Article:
WMAL Interview - STEPHEN HICKS - 10.24.17


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INTERVIEW - STEPHEN HICKS - co-director of the "Rethink Masculinity" program here in DC – discussed men taking classes to unlearn toxic msculinity.

• ABOUT CLASS: Rethink Masculinity: A partnership between Collective Action for Safe Spaces, ReThink, and DC Rape Crisis Center, Rethink Masculinity is a men’s consciousness building group in which people identifying as men collectively learn how social constructs of masculinity harm themselves and the people around them, and work to construct healthier masculinities. We offer a two month long class where participants meet together once a week for 3-4 hours. These sessions are designed to equip and empower participants to work towards building new models of masculinity. The curriculum is intended to improve men’s understanding and practices of consent, emotional labor, workplace discrimination, intervention against gender-based violence, and more. Our goal is to create a community in which men hold each other accountable as we become better allies with women, gender non-conforming people, and other people of marginalized identities. We believe that by doing this, we can become our most authentic selves.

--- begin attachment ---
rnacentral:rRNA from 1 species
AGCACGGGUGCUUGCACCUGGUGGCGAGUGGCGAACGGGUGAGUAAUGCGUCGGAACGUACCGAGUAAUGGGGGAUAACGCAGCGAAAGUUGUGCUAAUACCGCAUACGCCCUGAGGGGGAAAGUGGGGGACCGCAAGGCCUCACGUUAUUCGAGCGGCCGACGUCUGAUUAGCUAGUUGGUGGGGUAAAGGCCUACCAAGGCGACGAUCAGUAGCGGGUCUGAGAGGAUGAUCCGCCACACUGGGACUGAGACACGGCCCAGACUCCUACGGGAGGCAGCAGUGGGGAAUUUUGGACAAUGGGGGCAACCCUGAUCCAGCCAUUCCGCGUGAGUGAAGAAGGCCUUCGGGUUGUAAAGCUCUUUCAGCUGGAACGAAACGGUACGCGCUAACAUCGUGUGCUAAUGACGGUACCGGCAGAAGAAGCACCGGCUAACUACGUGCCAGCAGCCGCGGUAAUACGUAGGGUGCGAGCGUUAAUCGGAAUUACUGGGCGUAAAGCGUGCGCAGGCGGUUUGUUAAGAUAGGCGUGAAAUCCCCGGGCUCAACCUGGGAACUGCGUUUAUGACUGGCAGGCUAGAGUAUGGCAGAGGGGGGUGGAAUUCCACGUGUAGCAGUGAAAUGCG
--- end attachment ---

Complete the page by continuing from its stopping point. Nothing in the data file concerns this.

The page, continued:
• BIO: STEPHEN HICKS, Rethink Masculinity Co-Director: Stephen is passionate about music and social justice. He is from Fredericksburg, Virginia and is the youngest child of four boys. He attended Virginia Commonwealth University where he earned a B.S. in Journalism and African-American Studies and a minor in political science. He attended George Mason University and earned a MPH in Global Health. Most of his jobs have been either in journalism or public health. He has worked in the sexual health/HIV/harm reduction field for the past 5 years and is committed to improving health outcomes for marginalized communities, especially in the U.S. He wants to build community with black men in hopes of addressing the intersections of oppression they’ve faced and equip them with tools to be in solidarity with other black people facing oppression.

• The Men Taking Classes to Unlearn Toxic Masculinity. For some time, Stephen Hicks had felt like something was off. “My relationship ended, then a lot of things started collapsing in front of me,” Hicks says. He began attending therapy, which made him realize that he needed to make a bigger change: “I wasn’t doing really terrible things, but I also wasn’t being the most ideal Stephen I could be,” he says. “The bar is really lowered for cisgender guys.” So earlier this year, Hicks signed up for the pilot Rethink Masculinity class, a partnership between the Washington, D.C., Rape Crisis Center, Collective Action for Safe Spaces, and ReThink, an organization that works to prevent sexual assault. The program bills itself as a class where men “learn how social constructs of masculinity harm them and the people around them, and work to construct healthier masculinities.” Or, as Hicks puts it, “It was eight weeks of guys discussing how they can address their actions with better self-awareness and less toxicity.”

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